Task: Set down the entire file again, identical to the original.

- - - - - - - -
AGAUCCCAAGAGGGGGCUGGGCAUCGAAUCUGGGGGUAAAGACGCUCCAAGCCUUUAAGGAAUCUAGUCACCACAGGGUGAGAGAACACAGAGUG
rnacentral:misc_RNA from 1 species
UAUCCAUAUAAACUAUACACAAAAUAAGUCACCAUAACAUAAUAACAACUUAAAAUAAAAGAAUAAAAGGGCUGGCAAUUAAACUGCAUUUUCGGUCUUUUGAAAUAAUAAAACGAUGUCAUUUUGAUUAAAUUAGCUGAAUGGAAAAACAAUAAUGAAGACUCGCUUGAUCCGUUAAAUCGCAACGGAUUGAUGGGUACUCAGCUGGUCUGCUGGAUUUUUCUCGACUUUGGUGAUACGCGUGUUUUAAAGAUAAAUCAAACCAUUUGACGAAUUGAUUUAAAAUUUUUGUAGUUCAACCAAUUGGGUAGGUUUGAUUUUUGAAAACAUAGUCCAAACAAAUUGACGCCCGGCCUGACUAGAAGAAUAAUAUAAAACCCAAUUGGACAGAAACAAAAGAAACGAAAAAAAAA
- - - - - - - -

AGAUCCCAAGAGGGGGCUGGGCAUCGAAUCUGGGGGUAAAGACGCUCCAAGCCUUUAAGGAAUCUAGUCACCACAGGGUGAGAGAACACAGAGUG
rnacentral:misc_RNA from 1 species
UAUCCAUAUAAACUAUACACAAAAUAAGUCACCAUAACAUAAUAACAACUUAAAAUAAAAGAAUAAAAGGGCUGGCAAUUAAACUGCAUUUUCGGUCUUUUGAAAUAAUAAAACGAUGUCAUUUUGAUUAAAUUAGCUGAAUGGAAAAACAAUAAUGAAGACUCGCUUGAUCCGUUAAAUCGCAACGGAUUGAUGGGUACUCAGCUGGUCUGCUGGAUUUUUCUCGACUUUGGUGAUACGCGUGUUUUAAAGAUAAAUCAAACCAUUUGACGAAUUGAUUUAAAAUUUUUGUAGUUCAACCAAUUGGGUAGGUUUGAUUUUUGAAAACAUAGUCCAAACAAAUUGACGCCCGGCCUGACUAGAAGAAUAAUAUAAAACCCAAUUGGACAGAAACAAAAGAAACGAAAAAAAAA